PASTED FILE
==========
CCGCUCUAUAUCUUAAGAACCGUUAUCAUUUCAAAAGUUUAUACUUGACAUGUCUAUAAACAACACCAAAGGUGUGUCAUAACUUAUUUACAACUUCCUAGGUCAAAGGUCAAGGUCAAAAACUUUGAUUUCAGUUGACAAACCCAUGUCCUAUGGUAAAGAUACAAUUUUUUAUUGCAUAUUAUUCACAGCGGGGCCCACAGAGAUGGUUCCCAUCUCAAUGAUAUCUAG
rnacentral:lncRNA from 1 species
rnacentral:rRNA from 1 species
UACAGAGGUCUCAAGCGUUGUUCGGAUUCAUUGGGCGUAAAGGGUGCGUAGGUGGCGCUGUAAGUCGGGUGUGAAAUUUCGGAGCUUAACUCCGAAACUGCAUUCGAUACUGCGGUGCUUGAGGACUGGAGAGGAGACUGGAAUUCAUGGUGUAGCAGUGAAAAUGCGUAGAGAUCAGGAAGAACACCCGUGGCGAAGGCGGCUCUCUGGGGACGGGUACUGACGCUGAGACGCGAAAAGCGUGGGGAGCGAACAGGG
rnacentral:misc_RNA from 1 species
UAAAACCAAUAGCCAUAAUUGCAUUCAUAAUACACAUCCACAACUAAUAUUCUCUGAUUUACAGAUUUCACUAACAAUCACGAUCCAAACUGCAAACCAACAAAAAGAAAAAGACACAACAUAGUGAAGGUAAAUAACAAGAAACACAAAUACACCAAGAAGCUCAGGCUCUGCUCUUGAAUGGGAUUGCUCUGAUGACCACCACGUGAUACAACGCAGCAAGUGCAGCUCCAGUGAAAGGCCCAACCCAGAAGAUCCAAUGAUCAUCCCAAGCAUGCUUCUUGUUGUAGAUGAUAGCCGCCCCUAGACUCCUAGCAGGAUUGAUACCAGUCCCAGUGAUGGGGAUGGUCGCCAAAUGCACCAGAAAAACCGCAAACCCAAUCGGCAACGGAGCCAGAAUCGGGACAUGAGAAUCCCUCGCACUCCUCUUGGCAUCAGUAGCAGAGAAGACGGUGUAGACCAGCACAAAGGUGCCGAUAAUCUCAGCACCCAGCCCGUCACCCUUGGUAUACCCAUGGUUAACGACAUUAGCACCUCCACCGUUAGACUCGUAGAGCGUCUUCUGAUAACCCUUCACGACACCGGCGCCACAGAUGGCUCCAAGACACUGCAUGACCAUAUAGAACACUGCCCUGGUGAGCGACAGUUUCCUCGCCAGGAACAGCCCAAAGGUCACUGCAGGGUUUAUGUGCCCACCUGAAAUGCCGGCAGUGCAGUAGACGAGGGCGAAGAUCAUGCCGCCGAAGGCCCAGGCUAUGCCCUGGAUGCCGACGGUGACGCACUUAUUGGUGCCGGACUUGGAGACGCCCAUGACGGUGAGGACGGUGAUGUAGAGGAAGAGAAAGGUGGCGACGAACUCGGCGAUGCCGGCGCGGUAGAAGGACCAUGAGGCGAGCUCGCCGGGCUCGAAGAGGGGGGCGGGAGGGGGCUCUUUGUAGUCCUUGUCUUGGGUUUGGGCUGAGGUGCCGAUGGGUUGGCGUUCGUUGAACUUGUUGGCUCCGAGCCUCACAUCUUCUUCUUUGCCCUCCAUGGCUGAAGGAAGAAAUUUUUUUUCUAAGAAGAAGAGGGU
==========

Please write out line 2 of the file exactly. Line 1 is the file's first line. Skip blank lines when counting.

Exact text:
rnacentral:lncRNA from 1 species